Consider the following example taken from Wikipedia, slightly adapted, where the steps of the program correspond to individual processor instructions:

x = 0;
f = 0;

Thread #1:
   while (f == 0);
   print x;

Thread #2: 
   x = 42;
   f = 1;

I'm aware that the print statement might print different values (42 or 0) when the threads are running on two different physical cores/processors due to the out-of-order execution.

However I don't understand why this is not a problem on a single core machine, with those two threads running on the same core (through preemption). According to Wikipedia:

When a program runs on a single-CPU machine, the hardware performs the necessary bookkeeping to ensure that the program executes as if all memory operations were performed in the order specified by the programmer (program order), so memory barriers are not necessary.

As far as I know single-core CPUs too reorder memory accesses (if their memory model is weak), so what makes sure the program order is preserved?

  • what do you mean by "understand why this is not a problem on a single core machine." Do you mean in single core you always get same?? Dec 6, 2019 at 17:36
  • can you elaborate you question. Dec 6, 2019 at 17:38
  • @AkhilSurapuram I have updated my question, thanks :)
    – Ignorant
    Dec 6, 2019 at 17:40
  • When an interrupt or mode change occurs, the speculative execution stops so there is no way speculation can leak in other threads.
    – curiousguy
    Dec 18, 2019 at 14:01
  • Note that this will actually work as intended (i.e. always print 42) in x64 since store-store reorders and load-load reorders are disallowed.
    – Guido
    Mar 30, 2022 at 21:30

2 Answers 2


The CPU would not be aware that these are two threads. Threads are a software construct (1).

So the CPU sees these instructions, in this order:

store x = 42
store f = 1
test f == 0
jump if true ; not taken
load x

If the CPU were to re-order the store of x to the end, after the load, it would change the results. While the CPU is allowed out of order execution, it only does this when it doesn't change the result. If it was allowed to do that, virtually every sequence of instructions would possibly fail. It would be impossible to produce a working program.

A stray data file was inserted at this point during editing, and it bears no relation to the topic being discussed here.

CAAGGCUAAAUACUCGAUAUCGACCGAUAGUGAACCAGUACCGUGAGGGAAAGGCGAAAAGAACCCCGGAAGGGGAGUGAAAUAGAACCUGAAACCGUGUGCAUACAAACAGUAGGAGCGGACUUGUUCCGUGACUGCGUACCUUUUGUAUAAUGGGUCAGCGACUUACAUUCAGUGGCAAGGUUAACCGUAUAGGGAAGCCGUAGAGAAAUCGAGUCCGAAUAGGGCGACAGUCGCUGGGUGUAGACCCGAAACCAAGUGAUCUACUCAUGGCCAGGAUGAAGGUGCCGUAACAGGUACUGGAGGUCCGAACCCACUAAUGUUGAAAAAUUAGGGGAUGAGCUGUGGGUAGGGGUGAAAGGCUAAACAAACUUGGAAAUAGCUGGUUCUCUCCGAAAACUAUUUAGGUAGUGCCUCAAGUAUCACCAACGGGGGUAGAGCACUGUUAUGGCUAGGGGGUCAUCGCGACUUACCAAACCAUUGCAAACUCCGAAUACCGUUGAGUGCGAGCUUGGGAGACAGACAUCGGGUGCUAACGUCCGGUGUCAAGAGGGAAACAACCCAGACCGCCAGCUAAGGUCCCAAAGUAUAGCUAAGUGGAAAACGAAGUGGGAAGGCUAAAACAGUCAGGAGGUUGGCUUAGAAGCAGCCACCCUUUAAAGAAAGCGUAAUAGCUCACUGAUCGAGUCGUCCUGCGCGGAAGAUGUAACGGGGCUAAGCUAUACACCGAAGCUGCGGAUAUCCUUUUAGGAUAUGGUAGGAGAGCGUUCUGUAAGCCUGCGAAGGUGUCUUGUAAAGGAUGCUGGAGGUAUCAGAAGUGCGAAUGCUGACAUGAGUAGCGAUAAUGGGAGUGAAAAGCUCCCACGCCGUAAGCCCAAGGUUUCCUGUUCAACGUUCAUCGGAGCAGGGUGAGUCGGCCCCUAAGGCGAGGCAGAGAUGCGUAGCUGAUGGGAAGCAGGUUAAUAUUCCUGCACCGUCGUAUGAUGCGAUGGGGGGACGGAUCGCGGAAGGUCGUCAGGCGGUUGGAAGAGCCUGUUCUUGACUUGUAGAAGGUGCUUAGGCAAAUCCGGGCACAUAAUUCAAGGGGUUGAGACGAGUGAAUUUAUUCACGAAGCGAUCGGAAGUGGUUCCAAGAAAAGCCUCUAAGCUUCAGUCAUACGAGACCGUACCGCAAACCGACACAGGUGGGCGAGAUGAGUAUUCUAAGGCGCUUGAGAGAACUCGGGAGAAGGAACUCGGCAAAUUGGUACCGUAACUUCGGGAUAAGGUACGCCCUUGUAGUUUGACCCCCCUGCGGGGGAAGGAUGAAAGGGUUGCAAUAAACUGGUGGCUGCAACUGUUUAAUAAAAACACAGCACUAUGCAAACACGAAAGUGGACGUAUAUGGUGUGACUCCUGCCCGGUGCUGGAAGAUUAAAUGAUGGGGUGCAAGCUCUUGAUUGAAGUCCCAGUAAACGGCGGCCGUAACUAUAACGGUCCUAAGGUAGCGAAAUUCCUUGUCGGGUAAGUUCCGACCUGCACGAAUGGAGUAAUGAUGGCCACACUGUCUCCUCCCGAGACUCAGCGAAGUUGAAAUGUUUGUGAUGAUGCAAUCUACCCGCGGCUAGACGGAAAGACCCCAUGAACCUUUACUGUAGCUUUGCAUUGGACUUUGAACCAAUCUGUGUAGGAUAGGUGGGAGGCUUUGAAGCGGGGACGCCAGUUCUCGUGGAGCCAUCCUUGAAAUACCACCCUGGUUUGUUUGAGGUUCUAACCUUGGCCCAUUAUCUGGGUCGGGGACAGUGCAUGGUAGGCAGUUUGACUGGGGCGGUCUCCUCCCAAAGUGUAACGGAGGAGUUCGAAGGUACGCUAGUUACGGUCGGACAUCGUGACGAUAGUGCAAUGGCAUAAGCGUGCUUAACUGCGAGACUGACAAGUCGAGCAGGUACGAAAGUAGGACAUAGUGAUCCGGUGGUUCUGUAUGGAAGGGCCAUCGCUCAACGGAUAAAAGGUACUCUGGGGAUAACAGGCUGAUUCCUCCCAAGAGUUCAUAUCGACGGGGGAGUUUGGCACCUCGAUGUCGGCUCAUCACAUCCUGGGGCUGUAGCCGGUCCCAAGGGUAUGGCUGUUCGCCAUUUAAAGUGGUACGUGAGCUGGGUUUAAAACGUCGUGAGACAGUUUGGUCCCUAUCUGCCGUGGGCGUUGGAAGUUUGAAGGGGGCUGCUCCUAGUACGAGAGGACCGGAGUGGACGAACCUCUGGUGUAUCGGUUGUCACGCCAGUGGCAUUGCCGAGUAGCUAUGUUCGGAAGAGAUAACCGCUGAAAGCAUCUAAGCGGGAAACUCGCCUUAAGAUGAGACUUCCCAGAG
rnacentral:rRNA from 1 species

In this case, a single CPU is not allowed to re-order a store past a load of the same address. At least, as far the CPU can see it is not re-ordered. As far the as the L1, L2, L3 cache and main memory (and other CPUs!) are concerned, maybe the store has not been committed yet.

(1) Something like HyperThreads, two threads per core, common in modern CPUs, wouldn't count as "single-CPU" w.r.t. your question.

  • The CPU wouldn't know "threads", but it certainly knows "interrupts" and "supervisor mode".
    – curiousguy
    Dec 18, 2019 at 13:45
  • 1
    @curiousguy: Right, but CPUs do still need to preserve the illusion of sequential execution on a single core even when the sequence of instructions executed includes some instructions that are part of an interrupt handler, which execute in supervisor mode before jumping back to user-space. It knows what they are, but they're not special wrt. the requirement to preserve the illusion of sequential execution for a single core. A context switch is just storing some registers to memory and loading new values (including a stack pointer). Sep 20, 2021 at 21:43

The CPU doesn't know or care about "context switches" or software threads. All it sees is some store and load instructions. (e.g. in the OS's context-switch code where it saves the old register state and loads the new register state)

The cardinal rule of out-of-order execution is that it must not break a single instruction stream. Code must run as if every instruction executed in program order, and all its side-effects finished before the next instruction starts. This includes software context-switching between threads on a single core. e.g. a single-core machine or green-threads within on process.

(Usually we state this rule as not breaking single-threaded code, with the understanding of what exactly that means; weirdness can only happen when an SMP system loads from memory locations stored by other cores).

As far as I know single-core CPUs too reorder memory accesses (if their memory model is weak)

But remember, other threads aren't observing memory directly with a logic analyzer, they're just running load instructions on that same CPU core that's doing and tracking the reordering.

If you're writing a device driver, yes you might have to actually use a memory barrier after a store to make sure it's actually visible to off-chip hardware before doing a load from another MMIO location.